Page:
Feeding Matters is excited to start a new blog segment entitled “On the Road with Feeding Matters.” Pediatric feeding disorder (PFD) affects families all over the country and world. Feeding Matters hopes to end geographic isolation of information and experiences and create a global narrative of share experiences, best practices for care and innovation in the field.
Feeding Matters would like to introduce our very own volunteer and traveling feeding therapist, Marissa Dotzler!
1. Hello Marissa! We are so excited to be starting our “On the Road with Feeding Matters” segment with you at the helm. Tell us a bit about your background and why you chose to go into the feeding therapy world?
Hello Feeding Matters!! I began my education at the University of Delaware where I received my Bachelor of Science in Cognitive Science followed by my Masters in Communication Sciences and Disorders at Adelphi University. I started officially working as an SLP in 2018 after completing my clinical fellowship in 2017. After exposure to the field and all it encompasses, I was immediately drawn to the “feeding therapist” side of it all. There are so many choices and avenues for therapists to navigate and I think for me, finding one to hone in on was important.
It wasn’t always feeding. At first, I thought I would choose an alternative path because feeding therapy seemed scary in all transparency. I quickly learned it was quite the opposite, feeding therapy is dynamic, rewarding, and fun! It brings me so much joy to watch the children and families I work with grow and progress. A mantra I’ve recently been going by is “what are some things, within reason, I’d be excited to do? What are some things I’m afraid to do? What is a place I’d regret never seeing? What is a skill I’ve always wanted to learn?” I will talk about each of these as we continue our conversation as it relates to being a feeding therapist.
2. This idea of being a traveling feeding therapist is so interesting. What made you get involved and interested in this and where have you traveled thus far?
Thank you! I would place this under the “what are some things I am afraid to do” mantra question. Traveling and exploring new cities and places is something I’ve always enjoyed so when I took the time to research travel therapy and realize it united a career I love plus my love for travel. It was a no-brainer. Talking about the idea was a lot easier than making the idea a reality though. Leaving a long-term job in a city I lived in for five years was difficult. Knowing I would be leaving behind friends and families was also scary to embark on this solo journey. I took those fears and ran with them, always knowing they were a phone call away. The other reward is having the ability to connect with new colleagues and help more families than I could have ever imagined! I have been to Philadelphia and Houston, with San Francisco as my current stop!
3. Could you share with us what a normal day looks like for you at work (or if there isn’t a normal day what do you find yourself working on the most?)
It is difficult to narrow down a “typical” day when each day, setting, and environment is so different. Each day always starts with preparation for ongoing patients and new evaluations and ends with documenting the details. The in between is where all the fun happens. The day can range from conversations with colleagues for collaboration or learning new skills, supporting other disciplines, observing a session, and of course getting to play. Each day varies with its responsibilities and check lists, but no matter what, I always find the time with laugh with my clients and families. It is my favorite part of the day; those little moments where we laugh and remember despite whatever they are in the clinic/hospital for, there is this amazing, special, funny child in front of us who can brighten even the dullest moments of the day.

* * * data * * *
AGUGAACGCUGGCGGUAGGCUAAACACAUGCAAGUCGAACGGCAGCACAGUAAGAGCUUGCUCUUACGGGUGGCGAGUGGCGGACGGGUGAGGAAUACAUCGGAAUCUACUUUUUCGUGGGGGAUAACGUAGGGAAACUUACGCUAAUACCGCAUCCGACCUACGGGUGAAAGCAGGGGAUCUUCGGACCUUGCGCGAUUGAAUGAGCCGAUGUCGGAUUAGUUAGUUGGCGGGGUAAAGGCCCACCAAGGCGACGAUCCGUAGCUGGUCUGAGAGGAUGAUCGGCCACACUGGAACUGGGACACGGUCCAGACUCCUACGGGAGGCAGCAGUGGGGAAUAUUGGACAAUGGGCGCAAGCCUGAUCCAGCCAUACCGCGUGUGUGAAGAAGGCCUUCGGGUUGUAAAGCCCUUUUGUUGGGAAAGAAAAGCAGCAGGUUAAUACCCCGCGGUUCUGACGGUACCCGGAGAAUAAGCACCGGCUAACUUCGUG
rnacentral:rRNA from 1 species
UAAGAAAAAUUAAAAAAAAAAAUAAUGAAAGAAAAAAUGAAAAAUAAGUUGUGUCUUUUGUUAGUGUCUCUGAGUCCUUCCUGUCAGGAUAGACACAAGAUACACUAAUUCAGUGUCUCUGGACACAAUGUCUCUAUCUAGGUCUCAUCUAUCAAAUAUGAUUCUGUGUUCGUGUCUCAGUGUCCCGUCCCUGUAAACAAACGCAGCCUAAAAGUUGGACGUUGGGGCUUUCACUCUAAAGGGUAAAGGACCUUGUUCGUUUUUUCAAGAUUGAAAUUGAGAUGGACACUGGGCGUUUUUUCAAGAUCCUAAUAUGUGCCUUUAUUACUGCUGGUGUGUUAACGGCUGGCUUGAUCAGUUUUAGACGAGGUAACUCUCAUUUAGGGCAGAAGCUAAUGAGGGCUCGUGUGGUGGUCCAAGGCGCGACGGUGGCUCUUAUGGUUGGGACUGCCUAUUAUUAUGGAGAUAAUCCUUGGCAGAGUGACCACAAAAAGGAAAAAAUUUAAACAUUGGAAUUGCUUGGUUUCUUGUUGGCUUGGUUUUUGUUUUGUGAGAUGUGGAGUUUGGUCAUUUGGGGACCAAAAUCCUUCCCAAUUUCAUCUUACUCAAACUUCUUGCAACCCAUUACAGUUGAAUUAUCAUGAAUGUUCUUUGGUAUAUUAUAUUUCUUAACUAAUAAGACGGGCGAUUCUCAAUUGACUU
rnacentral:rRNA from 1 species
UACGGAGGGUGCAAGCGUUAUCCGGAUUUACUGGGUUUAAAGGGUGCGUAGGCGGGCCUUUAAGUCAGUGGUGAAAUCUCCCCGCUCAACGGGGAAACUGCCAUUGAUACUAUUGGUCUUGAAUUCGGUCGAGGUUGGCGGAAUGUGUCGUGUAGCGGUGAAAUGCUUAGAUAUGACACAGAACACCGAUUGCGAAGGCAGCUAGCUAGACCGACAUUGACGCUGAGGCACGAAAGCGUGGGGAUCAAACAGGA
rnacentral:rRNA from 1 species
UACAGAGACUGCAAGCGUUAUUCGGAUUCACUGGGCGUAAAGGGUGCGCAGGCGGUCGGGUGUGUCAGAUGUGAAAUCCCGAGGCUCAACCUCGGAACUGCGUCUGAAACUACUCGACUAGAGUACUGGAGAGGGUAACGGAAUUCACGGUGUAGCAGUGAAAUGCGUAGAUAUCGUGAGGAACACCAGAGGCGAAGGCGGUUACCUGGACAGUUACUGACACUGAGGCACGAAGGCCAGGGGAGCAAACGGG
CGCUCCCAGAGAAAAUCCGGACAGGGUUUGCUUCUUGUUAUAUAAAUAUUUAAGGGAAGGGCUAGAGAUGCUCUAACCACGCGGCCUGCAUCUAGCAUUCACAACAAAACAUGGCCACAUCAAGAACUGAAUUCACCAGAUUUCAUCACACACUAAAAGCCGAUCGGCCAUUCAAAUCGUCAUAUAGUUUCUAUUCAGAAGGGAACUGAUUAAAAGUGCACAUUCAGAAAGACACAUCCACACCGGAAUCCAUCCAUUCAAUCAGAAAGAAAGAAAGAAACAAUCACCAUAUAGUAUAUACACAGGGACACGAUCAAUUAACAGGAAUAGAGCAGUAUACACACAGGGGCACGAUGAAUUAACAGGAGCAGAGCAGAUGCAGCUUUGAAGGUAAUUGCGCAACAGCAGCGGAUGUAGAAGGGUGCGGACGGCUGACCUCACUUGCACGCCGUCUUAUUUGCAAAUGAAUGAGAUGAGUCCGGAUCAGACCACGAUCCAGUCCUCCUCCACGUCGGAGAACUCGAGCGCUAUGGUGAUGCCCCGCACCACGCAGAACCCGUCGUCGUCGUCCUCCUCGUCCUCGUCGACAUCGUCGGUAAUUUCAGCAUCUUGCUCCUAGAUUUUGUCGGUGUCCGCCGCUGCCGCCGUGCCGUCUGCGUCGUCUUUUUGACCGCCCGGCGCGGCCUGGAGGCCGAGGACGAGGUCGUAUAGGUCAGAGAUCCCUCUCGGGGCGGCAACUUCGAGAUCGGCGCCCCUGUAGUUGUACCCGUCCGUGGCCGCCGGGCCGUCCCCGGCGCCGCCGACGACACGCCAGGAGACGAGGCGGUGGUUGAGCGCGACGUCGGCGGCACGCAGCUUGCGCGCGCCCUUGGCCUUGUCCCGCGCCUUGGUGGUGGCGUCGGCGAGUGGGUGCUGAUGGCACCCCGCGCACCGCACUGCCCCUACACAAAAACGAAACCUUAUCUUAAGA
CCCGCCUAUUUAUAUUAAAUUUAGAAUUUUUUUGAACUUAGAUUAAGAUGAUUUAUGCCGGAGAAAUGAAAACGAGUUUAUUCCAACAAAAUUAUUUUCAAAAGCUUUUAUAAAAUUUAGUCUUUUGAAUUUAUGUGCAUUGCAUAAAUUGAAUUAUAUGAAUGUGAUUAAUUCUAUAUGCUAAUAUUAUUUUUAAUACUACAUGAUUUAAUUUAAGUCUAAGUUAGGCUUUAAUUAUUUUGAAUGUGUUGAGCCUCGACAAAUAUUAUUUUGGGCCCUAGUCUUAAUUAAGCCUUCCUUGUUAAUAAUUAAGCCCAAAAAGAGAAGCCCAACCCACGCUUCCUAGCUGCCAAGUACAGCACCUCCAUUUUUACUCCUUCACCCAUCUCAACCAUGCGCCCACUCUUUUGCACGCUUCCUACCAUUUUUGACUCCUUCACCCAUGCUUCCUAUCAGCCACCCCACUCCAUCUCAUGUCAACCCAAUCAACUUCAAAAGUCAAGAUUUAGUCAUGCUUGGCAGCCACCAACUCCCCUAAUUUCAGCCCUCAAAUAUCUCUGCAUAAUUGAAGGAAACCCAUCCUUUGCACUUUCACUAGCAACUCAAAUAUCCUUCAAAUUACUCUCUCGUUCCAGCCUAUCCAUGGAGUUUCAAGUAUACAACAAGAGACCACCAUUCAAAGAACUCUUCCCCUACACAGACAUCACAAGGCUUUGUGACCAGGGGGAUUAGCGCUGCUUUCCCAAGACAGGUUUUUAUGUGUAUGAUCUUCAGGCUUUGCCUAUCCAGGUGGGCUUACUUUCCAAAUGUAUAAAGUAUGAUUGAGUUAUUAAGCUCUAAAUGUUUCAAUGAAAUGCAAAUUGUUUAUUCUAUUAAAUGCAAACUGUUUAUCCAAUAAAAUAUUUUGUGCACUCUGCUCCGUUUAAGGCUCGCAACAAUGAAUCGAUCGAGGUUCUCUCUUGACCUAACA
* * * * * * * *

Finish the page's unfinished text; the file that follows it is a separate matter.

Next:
4. What is one of the topics you think you will discuss first?
I think right now a lot of families are still struggling with the ramifications of COVID and either delays or gaps in service. I think it would be relevant to discuss a current issue topic like this one.
5. We know that feeding is a universal idea, but have you seen any differences geographically speaking with your previous placements?
It’s hard to say, not having been to ~many~ places yet. However, I have noticed some areas of the country have a higher prevalence of one disorder over another… which is an interesting observation. More to come on this!
6. Did you learn about PFD or Feeding Matters first? And how did you become involved?
I learned about Feeding Matters first. I was working with another feeding therapist when I was first starting and she mentioned the PFD Conference hosted by Feeding Matters. I signed up that night! I remember being so in awe of the speakers and Feeding Matters Organization, it was such a wonderful event and I knew I had to get involved. I continued to learn and grow my knowledge about PFD through practice, mentorship, and continuing education. Eventually, I signed up to be a volunteer and after my first conversation with you, we landed here!
7. We are so excited to get started with this segment with you, Marissa. Stay tuned for our second blog from San Francisco!
Can’t wait – I am so grateful and excited to be here as a part of the Feeding Matters team!